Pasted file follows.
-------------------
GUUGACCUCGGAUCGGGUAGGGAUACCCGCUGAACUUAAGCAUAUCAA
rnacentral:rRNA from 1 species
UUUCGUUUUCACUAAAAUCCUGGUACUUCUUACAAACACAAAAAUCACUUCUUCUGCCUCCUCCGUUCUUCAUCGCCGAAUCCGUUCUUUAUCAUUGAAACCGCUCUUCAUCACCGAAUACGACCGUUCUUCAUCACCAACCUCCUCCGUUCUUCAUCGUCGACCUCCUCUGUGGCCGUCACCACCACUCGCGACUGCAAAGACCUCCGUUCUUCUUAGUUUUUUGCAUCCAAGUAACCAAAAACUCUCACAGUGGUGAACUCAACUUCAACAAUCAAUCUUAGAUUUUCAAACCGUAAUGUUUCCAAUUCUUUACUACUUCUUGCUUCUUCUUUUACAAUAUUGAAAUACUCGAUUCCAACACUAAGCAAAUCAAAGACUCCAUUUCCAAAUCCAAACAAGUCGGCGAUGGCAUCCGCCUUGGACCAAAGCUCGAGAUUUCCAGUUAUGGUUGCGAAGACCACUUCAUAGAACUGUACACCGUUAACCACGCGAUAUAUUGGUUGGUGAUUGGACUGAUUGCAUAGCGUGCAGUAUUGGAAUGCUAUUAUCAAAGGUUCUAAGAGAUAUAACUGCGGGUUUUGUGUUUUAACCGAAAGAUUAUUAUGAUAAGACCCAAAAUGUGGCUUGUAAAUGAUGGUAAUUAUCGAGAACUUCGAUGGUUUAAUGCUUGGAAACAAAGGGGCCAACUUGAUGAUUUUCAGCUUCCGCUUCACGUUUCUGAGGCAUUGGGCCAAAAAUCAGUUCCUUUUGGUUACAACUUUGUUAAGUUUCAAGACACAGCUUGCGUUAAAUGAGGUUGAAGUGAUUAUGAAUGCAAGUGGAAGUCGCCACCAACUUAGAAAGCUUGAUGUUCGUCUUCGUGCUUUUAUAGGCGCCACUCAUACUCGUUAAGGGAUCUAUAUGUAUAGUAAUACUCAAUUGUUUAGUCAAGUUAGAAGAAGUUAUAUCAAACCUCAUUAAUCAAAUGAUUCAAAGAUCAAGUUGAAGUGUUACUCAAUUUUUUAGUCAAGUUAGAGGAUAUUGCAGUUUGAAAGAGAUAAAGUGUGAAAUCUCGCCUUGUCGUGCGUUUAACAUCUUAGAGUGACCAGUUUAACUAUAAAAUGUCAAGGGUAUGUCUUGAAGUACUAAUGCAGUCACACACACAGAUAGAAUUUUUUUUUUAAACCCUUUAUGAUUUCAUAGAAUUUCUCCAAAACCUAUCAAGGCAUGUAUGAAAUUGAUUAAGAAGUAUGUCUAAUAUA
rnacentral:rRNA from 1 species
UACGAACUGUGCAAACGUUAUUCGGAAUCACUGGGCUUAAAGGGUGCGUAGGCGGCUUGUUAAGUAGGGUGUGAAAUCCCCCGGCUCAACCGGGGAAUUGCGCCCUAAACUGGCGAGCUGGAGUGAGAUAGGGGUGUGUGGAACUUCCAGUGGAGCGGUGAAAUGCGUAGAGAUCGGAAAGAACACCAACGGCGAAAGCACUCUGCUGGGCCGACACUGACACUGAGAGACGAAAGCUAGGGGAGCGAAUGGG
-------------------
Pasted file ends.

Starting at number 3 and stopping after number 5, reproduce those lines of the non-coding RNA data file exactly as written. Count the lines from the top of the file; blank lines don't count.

UUUCGUUUUCACUAAAAUCCUGGUACUUCUUACAAACACAAAAAUCACUUCUUCUGCCUCCUCCGUUCUUCAUCGCCGAAUCCGUUCUUUAUCAUUGAAACCGCUCUUCAUCACCGAAUACGACCGUUCUUCAUCACCAACCUCCUCCGUUCUUCAUCGUCGACCUCCUCUGUGGCCGUCACCACCACUCGCGACUGCAAAGACCUCCGUUCUUCUUAGUUUUUUGCAUCCAAGUAACCAAAAACUCUCACAGUGGUGAACUCAACUUCAACAAUCAAUCUUAGAUUUUCAAACCGUAAUGUUUCCAAUUCUUUACUACUUCUUGCUUCUUCUUUUACAAUAUUGAAAUACUCGAUUCCAACACUAAGCAAAUCAAAGACUCCAUUUCCAAAUCCAAACAAGUCGGCGAUGGCAUCCGCCUUGGACCAAAGCUCGAGAUUUCCAGUUAUGGUUGCGAAGACCACUUCAUAGAACUGUACACCGUUAACCACGCGAUAUAUUGGUUGGUGAUUGGACUGAUUGCAUAGCGUGCAGUAUUGGAAUGCUAUUAUCAAAGGUUCUAAGAGAUAUAACUGCGGGUUUUGUGUUUUAACCGAAAGAUUAUUAUGAUAAGACCCAAAAUGUGGCUUGUAAAUGAUGGUAAUUAUCGAGAACUUCGAUGGUUUAAUGCUUGGAAACAAAGGGGCCAACUUGAUGAUUUUCAGCUUCCGCUUCACGUUUCUGAGGCAUUGGGCCAAAAAUCAGUUCCUUUUGGUUACAACUUUGUUAAGUUUCAAGACACAGCUUGCGUUAAAUGAGGUUGAAGUGAUUAUGAAUGCAAGUGGAAGUCGCCACCAACUUAGAAAGCUUGAUGUUCGUCUUCGUGCUUUUAUAGGCGCCACUCAUACUCGUUAAGGGAUCUAUAUGUAUAGUAAUACUCAAUUGUUUAGUCAAGUUAGAAGAAGUUAUAUCAAACCUCAUUAAUCAAAUGAUUCAAAGAUCAAGUUGAAGUGUUACUCAAUUUUUUAGUCAAGUUAGAGGAUAUUGCAGUUUGAAAGAGAUAAAGUGUGAAAUCUCGCCUUGUCGUGCGUUUAACAUCUUAGAGUGACCAGUUUAACUAUAAAAUGUCAAGGGUAUGUCUUGAAGUACUAAUGCAGUCACACACACAGAUAGAAUUUUUUUUUUAAACCCUUUAUGAUUUCAUAGAAUUUCUCCAAAACCUAUCAAGGCAUGUAUGAAAUUGAUUAAGAAGUAUGUCUAAUAUA
rnacentral:rRNA from 1 species
UACGAACUGUGCAAACGUUAUUCGGAAUCACUGGGCUUAAAGGGUGCGUAGGCGGCUUGUUAAGUAGGGUGUGAAAUCCCCCGGCUCAACCGGGGAAUUGCGCCCUAAACUGGCGAGCUGGAGUGAGAUAGGGGUGUGUGGAACUUCCAGUGGAGCGGUGAAAUGCGUAGAGAUCGGAAAGAACACCAACGGCGAAAGCACUCUGCUGGGCCGACACUGACACUGAGAGACGAAAGCUAGGGGAGCGAAUGGG